Some insist that this dissolution of the self into the maelstrom of collective forces has the negative effect of foreclosing many, if not all, of the values that practitioners of depth psychology….tend to affirm, such as the freedom of imagination, ‘negative capability’, interior depth and the privacy of the self…(Frankel & Krebs, 2021, p. 113)
Now with the digital, the unconscious is exteriorized, surveilled as in the panopticon (Foucault, 1975) and ultimately controlled through rewards and punishments of a social and economic nature. They go on to discuss how this impacts our fundamental understanding of the self, the other and the group, and link these ideas with key psychoanalytic concepts of narcissism, desire, the pleasure principle, and sexuality. The digital promises to provide the love and attention we never got and we strive to find the end of the Internet in its pursuit, neglecting all that is before us to varying degrees. It further erodes our ability to tolerate lack which drives more seeking. There is discussion of the digital, in contrast, as a potential space (Benjamin, 2018) and the digital as a transitional phenomenon (Winnicott, 1971), which is an alternative and hopeful read of our relationship with this third.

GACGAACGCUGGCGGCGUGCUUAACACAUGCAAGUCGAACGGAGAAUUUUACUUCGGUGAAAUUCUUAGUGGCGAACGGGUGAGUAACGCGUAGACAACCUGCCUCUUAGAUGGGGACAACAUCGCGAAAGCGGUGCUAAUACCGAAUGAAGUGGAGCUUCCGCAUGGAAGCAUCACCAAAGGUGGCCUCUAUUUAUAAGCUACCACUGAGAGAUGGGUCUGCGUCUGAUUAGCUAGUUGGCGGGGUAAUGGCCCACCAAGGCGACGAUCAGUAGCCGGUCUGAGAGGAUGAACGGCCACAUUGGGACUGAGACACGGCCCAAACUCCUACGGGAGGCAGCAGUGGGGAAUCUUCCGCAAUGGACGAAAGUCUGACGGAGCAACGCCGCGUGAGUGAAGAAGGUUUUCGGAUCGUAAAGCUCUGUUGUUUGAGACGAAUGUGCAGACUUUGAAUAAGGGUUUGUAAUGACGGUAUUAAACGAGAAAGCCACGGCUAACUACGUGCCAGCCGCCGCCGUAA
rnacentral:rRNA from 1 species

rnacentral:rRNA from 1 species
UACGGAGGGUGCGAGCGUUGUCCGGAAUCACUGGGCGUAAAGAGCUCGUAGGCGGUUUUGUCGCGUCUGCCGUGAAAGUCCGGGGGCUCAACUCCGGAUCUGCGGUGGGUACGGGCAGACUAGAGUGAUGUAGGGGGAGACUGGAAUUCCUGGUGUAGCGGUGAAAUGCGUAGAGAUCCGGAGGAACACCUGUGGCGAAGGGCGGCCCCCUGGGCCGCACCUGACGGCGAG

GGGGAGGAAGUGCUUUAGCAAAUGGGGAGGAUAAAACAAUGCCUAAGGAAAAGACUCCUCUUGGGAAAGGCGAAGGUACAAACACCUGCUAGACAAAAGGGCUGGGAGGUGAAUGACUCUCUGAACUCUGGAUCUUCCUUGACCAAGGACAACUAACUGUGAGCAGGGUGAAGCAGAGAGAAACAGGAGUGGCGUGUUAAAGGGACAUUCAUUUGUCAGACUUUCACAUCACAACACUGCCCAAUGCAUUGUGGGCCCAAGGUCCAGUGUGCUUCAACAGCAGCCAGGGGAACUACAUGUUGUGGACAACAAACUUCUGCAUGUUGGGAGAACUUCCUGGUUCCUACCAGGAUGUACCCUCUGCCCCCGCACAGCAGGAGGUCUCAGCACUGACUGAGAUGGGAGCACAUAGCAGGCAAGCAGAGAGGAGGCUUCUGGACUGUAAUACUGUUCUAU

Within this part, there is also a specific focus on examples of digital use in adolescence which is timely and interesting. This is particularly important as we consider that there are now large groups of people who have never known a life without the internet, and all of those under 18 have never known a life without the smartphone. These groups may not have developed a sense of themselves that includes an analog experience of self and others and again we don’t have the benefit of Nachträglichkeit. We have yet to see how these young people will grow up and develop and if the seemingly interminable hours spent on TikTok, video games, snapchat or Instagram in lieu of playing outside with others in real life will have lasting negative or positive effects. Thereafter the digital and its relationship to managing the other at all ages and developmental stages is explored. They describe how digital tools allow us to disavow others in new ways such as through phubbing, ghosting, zombieing, and so on, as well as to desire and objectify others in digitally enhanced ways. The impacts of these phenomena with their disembodied quality may allow some to behave more antisocially than they might ordinarily without the real time feedback of the gaze of the other. As an alternative, more positive read, Frankel and Krebs consider that the digital can serve as a safer space for aggressive and sexual urges that otherwise are problematic for civilization. They continue this line of argument by considering more examples of sexuality and the erotics of the digital. While there is a nod to the idea of transitional space and potentiality in this area, more attention is paid to the gnarly negative examples of cases where people are addicted, separated from others, and alienated, furtively nursing their narcissistic desires bathed in the blue light of the screen.